An Assessment of the Quality of Water Services in Low-income areas of Malawi- A case study of Mtandile-Mtsiliza in the City of Lilongwe, Malawi.
Phiri, Lazarus Botomani
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Water supply utilities in Africa are finding it increasingly difficult to provide adequate services to the needy areas: their core business operations are often stagnant, compounded by an increase in peri-urban and poor settlements. Studies have revealed that by 2015, urbanization in Sub-Saharan Africa will have progressed from about 3.2% to about 5.2% in a year. There are 16 low-income areas in Lilongwe city in Malawi and these low income areas are home to almost 70% of the population of Lilongwe City which is estimated at 450,000. Drinking water in these areas is provided by Lilongwe Water Board through communal kiosks. This study therefore aimed at determining the quality of water services in one of the low income areas of Mtandile-Mtsiliza in Lilongwe. The study also investigated willingness and ability of the communities in these low-income areas to pay for current and improved water services and also to investigate if service quality influences their decision on willingness to pay for improved water services. Questionnaires, focus group discussions, interviews with key personnel and field observations were the main study tools used to collect data. The indicators of quality of service considered were reliability, accessibility, sufficiency of water quantity, customer perceptions to service quality and affordability of the water services. The results show that compared to internationally accepted standards, the indicators of service quality are met to varying degrees. It was found out that compared to international standards, the service was unreliable with 88.7% of the respondents getting water for no more than 6 hours while the internationally accepted standard is 24hrs. The average walking distance to a water point was found to be 682m as opposed to the generally accepted 200m. On average consumers in the area can afford paying for water as they water costs take only 3.4% of their monthly income which is below the threshold of 5% which is recommended by WHO and the World Bank. It was also found out that consumers are willing to pay more for improved services than for current services. The mean amount that the consumers were willing to pay for current service was found to be MK232.76. On average the consumers were also willing to pay MK374.14 for improved services and were willing to pay MK1, 864.66 for connection fees. The study also found out that households’ decision on willingness to pay for improved was influenced by their perception to the current service. It was concluded that compared to internationally accepted standards, the quality of service in Mtandile-Mtsiliza is low with the consumers also perceiving the service to be low. It was also concluded from the study that willingness to pay is influenced by the perceived service quality with the under-served willing to pay more for improved services compared to the current service. It is recommended that to improve the quality of service and hence consumer perception to service, the utility company should maintain all broken down kiosks and also reduce, subsidise or allow payment in instalments of the connection fee to enable consumers have individual connections.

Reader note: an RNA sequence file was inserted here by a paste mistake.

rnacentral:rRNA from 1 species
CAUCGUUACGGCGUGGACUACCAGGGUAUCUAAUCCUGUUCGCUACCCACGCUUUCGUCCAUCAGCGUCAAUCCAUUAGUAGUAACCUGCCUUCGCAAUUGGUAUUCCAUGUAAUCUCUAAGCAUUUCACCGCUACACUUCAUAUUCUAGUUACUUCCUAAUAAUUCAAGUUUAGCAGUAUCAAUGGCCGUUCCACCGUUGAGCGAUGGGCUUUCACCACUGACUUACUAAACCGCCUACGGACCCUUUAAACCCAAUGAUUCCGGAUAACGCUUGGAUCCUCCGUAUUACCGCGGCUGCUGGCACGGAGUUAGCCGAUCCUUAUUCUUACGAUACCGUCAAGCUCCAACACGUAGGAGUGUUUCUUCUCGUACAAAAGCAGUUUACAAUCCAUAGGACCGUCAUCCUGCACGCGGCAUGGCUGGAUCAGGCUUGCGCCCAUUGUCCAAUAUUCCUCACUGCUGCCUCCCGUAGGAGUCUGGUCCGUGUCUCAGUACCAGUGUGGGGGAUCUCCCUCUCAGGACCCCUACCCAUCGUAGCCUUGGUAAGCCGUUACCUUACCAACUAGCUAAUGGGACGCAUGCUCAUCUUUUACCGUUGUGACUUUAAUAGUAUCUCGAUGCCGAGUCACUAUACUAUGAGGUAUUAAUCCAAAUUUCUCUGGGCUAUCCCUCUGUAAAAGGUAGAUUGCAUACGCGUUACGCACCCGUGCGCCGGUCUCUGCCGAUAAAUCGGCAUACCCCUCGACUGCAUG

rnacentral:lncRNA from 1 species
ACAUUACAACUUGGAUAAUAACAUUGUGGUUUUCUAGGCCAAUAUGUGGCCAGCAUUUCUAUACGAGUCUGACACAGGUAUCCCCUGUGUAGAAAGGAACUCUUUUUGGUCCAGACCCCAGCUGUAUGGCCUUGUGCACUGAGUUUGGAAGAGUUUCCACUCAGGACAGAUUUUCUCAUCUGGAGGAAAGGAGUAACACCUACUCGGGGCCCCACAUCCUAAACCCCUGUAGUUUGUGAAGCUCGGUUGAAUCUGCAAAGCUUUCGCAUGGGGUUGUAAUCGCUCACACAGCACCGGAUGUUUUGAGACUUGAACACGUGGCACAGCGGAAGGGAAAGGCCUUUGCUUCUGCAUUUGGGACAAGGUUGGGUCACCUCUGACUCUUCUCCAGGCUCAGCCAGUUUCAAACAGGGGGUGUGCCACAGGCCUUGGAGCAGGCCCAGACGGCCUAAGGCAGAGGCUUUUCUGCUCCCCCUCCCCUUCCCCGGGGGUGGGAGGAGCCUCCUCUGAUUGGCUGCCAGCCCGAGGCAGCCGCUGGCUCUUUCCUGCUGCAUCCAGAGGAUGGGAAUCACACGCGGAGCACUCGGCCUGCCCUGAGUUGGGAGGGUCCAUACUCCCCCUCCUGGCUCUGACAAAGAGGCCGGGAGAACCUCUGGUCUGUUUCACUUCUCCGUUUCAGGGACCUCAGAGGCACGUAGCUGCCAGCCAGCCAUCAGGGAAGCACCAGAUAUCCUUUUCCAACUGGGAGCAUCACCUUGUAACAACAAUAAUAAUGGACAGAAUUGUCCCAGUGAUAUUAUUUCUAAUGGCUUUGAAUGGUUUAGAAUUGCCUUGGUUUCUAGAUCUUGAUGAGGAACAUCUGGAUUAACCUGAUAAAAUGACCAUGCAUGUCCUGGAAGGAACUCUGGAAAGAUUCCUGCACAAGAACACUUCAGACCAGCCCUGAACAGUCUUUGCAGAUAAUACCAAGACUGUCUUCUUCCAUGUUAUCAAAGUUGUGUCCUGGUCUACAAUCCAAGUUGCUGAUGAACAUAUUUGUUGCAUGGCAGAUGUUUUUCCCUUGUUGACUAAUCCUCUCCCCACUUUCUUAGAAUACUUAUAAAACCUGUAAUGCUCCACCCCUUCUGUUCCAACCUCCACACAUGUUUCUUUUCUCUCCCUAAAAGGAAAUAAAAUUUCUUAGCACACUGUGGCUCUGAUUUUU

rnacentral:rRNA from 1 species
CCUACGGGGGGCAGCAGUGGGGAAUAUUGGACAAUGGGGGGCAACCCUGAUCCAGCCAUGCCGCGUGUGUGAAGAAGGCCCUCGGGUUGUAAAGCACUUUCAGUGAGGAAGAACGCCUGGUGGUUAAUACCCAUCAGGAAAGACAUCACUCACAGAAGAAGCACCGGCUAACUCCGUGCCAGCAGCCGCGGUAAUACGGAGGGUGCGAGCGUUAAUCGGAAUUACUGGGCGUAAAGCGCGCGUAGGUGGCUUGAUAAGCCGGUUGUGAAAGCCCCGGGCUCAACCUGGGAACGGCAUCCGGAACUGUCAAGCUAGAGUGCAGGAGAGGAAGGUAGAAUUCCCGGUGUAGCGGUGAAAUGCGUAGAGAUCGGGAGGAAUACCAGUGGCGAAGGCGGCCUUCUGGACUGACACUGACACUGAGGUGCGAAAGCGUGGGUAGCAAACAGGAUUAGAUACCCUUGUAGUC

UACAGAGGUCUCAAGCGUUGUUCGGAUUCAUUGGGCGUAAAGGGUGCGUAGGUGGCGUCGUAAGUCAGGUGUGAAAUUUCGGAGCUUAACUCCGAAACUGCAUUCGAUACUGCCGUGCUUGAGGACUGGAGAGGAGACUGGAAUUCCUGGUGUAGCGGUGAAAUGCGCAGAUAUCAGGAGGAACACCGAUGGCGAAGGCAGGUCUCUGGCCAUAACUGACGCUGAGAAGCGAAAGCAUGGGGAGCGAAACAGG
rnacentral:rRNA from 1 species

SubjectWater services in the urban poor
Quantity of water versus distance.
Strategies for serving the urban poor
Affordability and ability to pay.